Next, Aurora is a really great theater space. I’ve said it before . . . I really prefer true theaters built for the purpose of performing. Not to take away from the many great local companies that have carved out homes elsewhere, but this kind of show could only work where the production level is really high (yep, Aurora pulls out all the technical stops). The sets and lighting were terrific. Costumes really accented the show well (despite the previously reviewed ill fitting plaid pants).
Overall the cast was good and I applaud the hard work they all put in. Everyone on the stage poured their heart and soul into their roles. There were some great voices, some great actors and some great dancers. With that said . . . there weren’t really any real triple threats. The women fared better then the men. We really enjoyed Sheila (Meredith Campbell), Connie (Leslie Bellair), Cassie (Pamela Gold) and Val (Courtney Godwin). All had great moments to shine. For the men, top honors go to Aurora Artistic Director Anthony Rodriguez as Zach. He was a perfect puppet master of sorts. Also liked Terry Guest as Richie (tons of energy and fun).
The overall production is really great. Take the drive out to Lawrenceville! You’ll be glad you did.
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"A Chorus Line" slightly out of step - AJC|
Wednesday, August 10, 2011 ||
"A Chorus Line" slightly out of step|
By Bert Osborne
For the Atlanta Journal Constitution
11:40 a.m. Monday, August 8, 2011
As though it weren’t enough of a sign that one of the characters arrives for a Broadway dance audition wearing a hideous pair of plaid pants, the landmark 1975 musical “A Chorus Line” (originally conceived by Michael Bennett) already feels like a relic from some bygone era, at least in certain respects.
When a dancer in the story sustains a serious injury, nobody whips out an iPhone and dials 911; instead, someone darts offstage to phone a doctor about making a “house call.” And what may have been a startling revelation 36 years ago – that a lot of “chorus boys” might be gay – seems clichéd by now and overemphasized on top of that, with three different characters delivering monologues on the subject.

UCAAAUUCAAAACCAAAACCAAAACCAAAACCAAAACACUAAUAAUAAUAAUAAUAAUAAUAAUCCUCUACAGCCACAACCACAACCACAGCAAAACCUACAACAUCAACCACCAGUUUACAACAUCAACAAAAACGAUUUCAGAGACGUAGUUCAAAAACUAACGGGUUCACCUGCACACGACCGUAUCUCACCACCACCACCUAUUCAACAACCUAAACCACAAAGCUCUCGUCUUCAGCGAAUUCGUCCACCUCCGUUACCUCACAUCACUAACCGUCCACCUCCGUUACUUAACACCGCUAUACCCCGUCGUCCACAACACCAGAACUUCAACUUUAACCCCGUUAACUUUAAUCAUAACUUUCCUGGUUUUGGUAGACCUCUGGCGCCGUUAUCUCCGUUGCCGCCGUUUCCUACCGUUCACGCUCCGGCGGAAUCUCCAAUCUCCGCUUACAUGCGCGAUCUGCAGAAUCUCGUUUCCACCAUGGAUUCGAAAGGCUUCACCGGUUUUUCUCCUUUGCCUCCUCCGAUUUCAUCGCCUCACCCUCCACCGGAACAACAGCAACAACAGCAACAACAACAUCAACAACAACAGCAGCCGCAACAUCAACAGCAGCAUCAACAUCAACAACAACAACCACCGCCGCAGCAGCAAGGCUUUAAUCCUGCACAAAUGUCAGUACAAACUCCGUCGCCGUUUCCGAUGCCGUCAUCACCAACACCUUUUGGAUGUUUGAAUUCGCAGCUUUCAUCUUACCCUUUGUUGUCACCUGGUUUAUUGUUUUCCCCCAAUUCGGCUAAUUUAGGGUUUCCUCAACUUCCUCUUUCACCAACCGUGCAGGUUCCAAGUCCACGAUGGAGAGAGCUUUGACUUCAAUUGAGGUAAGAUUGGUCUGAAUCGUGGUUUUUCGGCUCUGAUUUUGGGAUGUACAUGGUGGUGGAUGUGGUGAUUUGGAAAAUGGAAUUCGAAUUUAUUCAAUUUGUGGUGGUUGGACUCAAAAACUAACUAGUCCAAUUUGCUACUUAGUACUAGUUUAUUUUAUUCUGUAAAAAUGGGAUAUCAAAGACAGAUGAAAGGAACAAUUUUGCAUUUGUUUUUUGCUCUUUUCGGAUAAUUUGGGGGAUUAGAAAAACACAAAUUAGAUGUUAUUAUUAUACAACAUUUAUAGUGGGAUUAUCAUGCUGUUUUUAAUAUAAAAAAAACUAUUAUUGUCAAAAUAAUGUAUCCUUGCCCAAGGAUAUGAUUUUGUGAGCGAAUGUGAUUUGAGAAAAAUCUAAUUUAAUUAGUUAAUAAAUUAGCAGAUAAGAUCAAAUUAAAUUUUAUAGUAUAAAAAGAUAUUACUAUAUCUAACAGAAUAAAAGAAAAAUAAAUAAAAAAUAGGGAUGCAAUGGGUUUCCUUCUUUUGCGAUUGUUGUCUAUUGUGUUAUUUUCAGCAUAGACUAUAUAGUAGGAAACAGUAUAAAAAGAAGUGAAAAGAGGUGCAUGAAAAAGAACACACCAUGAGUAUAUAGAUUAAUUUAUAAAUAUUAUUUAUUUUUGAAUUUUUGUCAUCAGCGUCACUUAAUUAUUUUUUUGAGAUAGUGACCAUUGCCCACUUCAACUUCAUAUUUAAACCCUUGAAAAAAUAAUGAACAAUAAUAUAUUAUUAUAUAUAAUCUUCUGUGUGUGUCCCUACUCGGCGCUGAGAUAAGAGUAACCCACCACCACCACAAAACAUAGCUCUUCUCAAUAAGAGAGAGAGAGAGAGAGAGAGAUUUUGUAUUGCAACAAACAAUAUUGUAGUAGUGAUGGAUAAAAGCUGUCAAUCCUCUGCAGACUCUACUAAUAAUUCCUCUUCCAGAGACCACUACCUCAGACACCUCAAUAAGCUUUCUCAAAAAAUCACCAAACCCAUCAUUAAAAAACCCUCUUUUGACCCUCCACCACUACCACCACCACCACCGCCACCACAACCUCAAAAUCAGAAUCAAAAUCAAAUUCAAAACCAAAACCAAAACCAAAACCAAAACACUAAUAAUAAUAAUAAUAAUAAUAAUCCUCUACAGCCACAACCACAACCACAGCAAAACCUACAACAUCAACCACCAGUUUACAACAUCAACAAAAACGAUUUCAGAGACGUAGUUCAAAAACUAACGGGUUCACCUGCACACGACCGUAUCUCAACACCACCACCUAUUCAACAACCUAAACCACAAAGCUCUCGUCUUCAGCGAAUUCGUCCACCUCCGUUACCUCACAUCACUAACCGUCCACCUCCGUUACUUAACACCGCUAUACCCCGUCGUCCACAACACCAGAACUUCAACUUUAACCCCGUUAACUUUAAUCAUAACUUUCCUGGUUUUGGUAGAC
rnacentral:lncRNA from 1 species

From a production standpoint, however, “A Chorus Line” remains a daunting assignment, which likely explains why it’s rather rarely done. (I can’t recall another local production of it in the last 20 years.) Whatever the end results, one thing to be said for the folks at Aurora Theatre is that they’ve never been known to deny the courage of their convictions.
Chief among the show’s challenges is that it requires no less than 18 strong dancers. If they can sing and act as well, so much the better, but unfortunately this isn’t always the case in director Anne Towns’ Aurora ensemble. Make no mistake. The dancing, choreographed by Jen MacQueen, is largely impressive. It’s the singing and acting that routinely stumbles.
The script by James Kirkwood and Nicholas Dante follows the process of elimination during a “cattle call” audition, where a director named Zach (appropriately played by Aurora artistic producer Anthony Rodriguez) is casting the chorus for an upcoming musical. Wanting to learn what kind of people they are – not just what kind of dancers – he gives each of them moments to tell their own stories.
But too many of the characters are interchangeable or extraneous and too many of the performances lack distinction and definition. Unlike with the well-drawn contestants from “The 25th Annual Putnam County Spelling Bee,” say, we don’t have as much of a vested interest here in which ones make the cut or which ones don’t.